Nine states -- Alabama, Georgia, Maryland, Louisiana, Mississippi, North Carolina, South Carolina, Tennessee and Virginia -- already have plates showing the Confederate flag, Foxnews.com reported Friday. All except Maryland were in the Confederacy.
John Adams, who heads the Sons in Florida, won a court ruling in March that found the state Legislature was discriminating against the group by denying his application. He is hopeful he will soon get his plate.
But state Rep. Geraldine Thompson, an Orlando Democrat and member of the black legislative caucus, said the judge only said the process has to be fair, not that every applicant gets the plate they want. She calls the plate a "symbol of slavery."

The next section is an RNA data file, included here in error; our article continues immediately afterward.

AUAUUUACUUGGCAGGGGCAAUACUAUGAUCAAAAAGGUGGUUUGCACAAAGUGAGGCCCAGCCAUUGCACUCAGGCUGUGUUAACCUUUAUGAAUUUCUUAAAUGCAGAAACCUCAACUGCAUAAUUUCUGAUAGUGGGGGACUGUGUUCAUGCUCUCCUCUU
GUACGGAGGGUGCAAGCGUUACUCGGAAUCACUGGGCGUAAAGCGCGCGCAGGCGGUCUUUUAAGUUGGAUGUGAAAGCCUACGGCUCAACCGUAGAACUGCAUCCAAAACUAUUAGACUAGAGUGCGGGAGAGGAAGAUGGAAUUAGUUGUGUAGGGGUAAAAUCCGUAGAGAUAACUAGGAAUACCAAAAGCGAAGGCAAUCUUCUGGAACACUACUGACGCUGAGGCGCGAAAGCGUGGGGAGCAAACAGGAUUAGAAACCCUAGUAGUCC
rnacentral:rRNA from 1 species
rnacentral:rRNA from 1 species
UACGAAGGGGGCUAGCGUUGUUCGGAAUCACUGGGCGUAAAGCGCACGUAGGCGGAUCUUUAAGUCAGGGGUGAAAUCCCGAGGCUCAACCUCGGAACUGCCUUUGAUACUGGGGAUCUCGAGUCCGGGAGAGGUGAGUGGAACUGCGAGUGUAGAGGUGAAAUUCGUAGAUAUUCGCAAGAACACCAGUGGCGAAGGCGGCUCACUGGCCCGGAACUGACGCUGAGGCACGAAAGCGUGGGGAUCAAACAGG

In Kentucky, where the Sons of Confederate Veterans is also trying to get a plate, members deny racism and say they just want to honor soldiers who fought for the South in the Civil War, The (Louisville) Courier-Journal reported.
Ben Sewell, a spokesman for the national group, said it has a good track record in court.
"We've prevailed each time because we are a bona fide, non-profit corporation, and it was found by the courts that they were trying to discriminate," he said.